College Football

COLLEGE FOOTBALL: Pass rush helps sluggish Tennessee outlast UMass, 17-13

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COLLEGE FOOTBALL: Pass rush helps sluggish Tennessee outlast UMass, 17-13

KNOXVILLE, Tenn. - Tennessee coach Butch Jones often follows closer-than-expected victories by saying that he never will apologize for a win.

This time, he had a different postgame approach.

"At the end of the day, it's all about getting the victory, but (that was) just flat-out unacceptable," Jones said Saturday after Tennessee staggered to a 17-13 victory over 27 1/2-point underdog Massachusetts. "The performance is unacceptable. We'll get back to work tonight and correct it and correct our deficiencies."

Tennessee (3-1) was trying to bounce back from a 26-20 loss at No. 20 Florida in which the Vols allowed a tiebreaking 63-yard touchdown pass as time expired. Jones' staff was roasted all week for everything from Tennessee's red-zone play calling to its defensive strategy on the game's final play.

The Vols' performance against UMass (0-5) won't quiet that criticism. Tennessee struggled to put away a winless team that played the entire game without star tight end Adam Breneman and most of the second half without starting quarterback Andrew Ford due to injuries.

"There's no excuse to come out here and play the way we did," Tennessee offensive tackle Brett Kendrick said.

Tennessee was held scoreless for the game's first 25 minutes and final 22 minutes. The sluggish performance amid summer-like conditions resulted in a sterile Neyland Stadium atmosphere. Although the announced attendance was 95,324, there appeared to be approximately 30,000 or so fewer fans than that in the fourth quarter as UMass attempted to rally.

The Vols survived thanks to a pass rush that recorded seven sacks, their highest single-game total since 2008. Tennessee's John Kelly rushed for 101 yards and a touchdown. Brandon Johnson added seven catches for 123 yards for career highs in both categories.

"We played better than them," UMass linebacker Bryton Barr said. "They're a heck of a team, obviously, but just eliminate a couple of mistakes and we're winning that game."

Tennessee overcame two unsportsmanlike conduct penalties, including one on Jones that gave UMass first-and-goal on its lone touchdown drive.

"I'll take full responsibility," Jones said of the penalty. "That's on me. I also think it was a byproduct of huddling our sideline and talking to our team. The official thinks I'm talking to him and then did talk to him and, you know, that's on me. (I was) trying to give our team a spark as well."

UMass threatened to take the lead with less than 10 minutes left when Andy Isabella's 42-yard run put the Minutemen at the Tennessee 38. But the Minutemen went backward from there - thanks in part to a Jonathan Kongbo sack - and punted on fourth-and-16 at the 44.

The Minutemen's next drive stalled after UMass got as far as Tennessee's 45. Tennessee clinched the victory when UMass lost the ball on downs at its own 17 with 22 seconds left.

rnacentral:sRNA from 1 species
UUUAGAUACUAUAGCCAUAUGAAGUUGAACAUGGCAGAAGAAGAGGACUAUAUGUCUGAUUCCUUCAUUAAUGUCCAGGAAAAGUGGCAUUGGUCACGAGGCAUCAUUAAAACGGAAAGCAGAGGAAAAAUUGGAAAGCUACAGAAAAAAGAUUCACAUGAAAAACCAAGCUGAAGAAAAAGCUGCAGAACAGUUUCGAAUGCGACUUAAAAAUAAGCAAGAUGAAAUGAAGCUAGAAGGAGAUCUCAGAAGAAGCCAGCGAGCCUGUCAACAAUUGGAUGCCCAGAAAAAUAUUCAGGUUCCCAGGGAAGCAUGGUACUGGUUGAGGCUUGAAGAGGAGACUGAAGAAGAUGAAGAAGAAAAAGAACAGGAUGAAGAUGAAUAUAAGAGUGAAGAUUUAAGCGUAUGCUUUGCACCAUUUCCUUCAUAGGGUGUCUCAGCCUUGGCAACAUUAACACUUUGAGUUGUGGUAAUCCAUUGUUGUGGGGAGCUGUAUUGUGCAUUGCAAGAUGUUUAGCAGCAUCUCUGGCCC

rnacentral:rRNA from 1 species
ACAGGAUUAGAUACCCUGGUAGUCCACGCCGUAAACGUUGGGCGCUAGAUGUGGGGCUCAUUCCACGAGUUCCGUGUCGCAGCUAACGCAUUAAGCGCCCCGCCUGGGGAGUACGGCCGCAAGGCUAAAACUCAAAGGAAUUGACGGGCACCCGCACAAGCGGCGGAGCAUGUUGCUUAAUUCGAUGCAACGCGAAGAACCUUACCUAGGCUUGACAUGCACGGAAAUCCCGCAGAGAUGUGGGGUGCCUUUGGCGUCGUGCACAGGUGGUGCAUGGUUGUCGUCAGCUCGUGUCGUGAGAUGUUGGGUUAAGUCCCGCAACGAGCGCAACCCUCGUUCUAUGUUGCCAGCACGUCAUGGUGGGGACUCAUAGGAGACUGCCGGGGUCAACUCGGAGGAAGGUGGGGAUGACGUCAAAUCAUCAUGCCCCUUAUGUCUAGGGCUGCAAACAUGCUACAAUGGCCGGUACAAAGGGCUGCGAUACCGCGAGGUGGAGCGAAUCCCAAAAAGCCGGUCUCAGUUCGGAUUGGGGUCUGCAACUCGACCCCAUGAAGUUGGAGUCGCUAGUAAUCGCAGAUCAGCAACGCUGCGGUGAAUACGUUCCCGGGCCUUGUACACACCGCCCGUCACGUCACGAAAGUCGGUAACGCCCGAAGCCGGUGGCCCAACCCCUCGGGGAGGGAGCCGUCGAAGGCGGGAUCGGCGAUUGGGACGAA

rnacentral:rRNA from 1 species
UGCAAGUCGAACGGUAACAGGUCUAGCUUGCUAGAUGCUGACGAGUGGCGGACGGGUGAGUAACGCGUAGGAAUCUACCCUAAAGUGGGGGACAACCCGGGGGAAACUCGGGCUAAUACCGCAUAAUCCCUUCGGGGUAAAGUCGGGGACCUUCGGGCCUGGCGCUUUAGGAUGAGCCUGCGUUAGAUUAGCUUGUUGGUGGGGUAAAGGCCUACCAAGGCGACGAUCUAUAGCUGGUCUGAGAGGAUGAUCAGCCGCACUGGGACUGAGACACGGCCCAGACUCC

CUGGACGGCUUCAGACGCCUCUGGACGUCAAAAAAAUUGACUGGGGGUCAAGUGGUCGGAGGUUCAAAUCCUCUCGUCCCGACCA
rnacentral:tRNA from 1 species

"I'm proud of the way they played," UMass coach Mark Whipple said. "We wanted to get it to a one-possession game in the fourth quarter, and we did. We just couldn't make the play that we needed to, to get us over the top."

Both teams used backup quarterbacks for part of the second half. UMass' Ross Comis took over for the injured Ford late in the third quarter. Tennessee's Jarrett Guarantano replaced Quinten Dormady late in the third quarter, but Dormady returned after the Vols failed to move the ball on Guarantano's three series.

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Photo of Celtics' 1963 White House visit recalls a simpler time

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Photo of Celtics' 1963 White House visit recalls a simpler time

As the controversy raged Saturday over President Donald Trump's tweet rescinding the White House invitation to Golden State Warriors' star Stephen Curry, a tweeted photo recalling a simpler time for sports team's presidential visits appeared. 

The nostalgic Twitter account @the_60s_at_50 posted a photo from the Celtics' visit to 1600 Pennsylvania Ave and its principal occupant, John F. Kennedy, on Jan. 31, 1963. JFK had invited his hometown NBA team into the Oval Office for what seemed to be a spur-of-the-moment visit.

A newspaper account of the visit was also posted. The defending NBA champion Celtics were in the Washington area to play the Cincinnati Royals at the University of Maryland's Cole Field House that night and had been taking a tour of the White House when Kennedy invited them in. 

All the team members were there except for star center Bill Russell, who, of course, experienced incidents of racism in Boston that were well-documented. However, Russell's absence was blamed on him oversleeping. His teammates said they didn't know they would meet Kennedy on the tour.  

And yes, that's Celtics legend - and CSN's own - Tommy Heinsohn second from right. Coach Red Auerbach is next to the President on the left, Bob Cousy is next to Auerbach and John Havlicek is the first player in the second row on the left.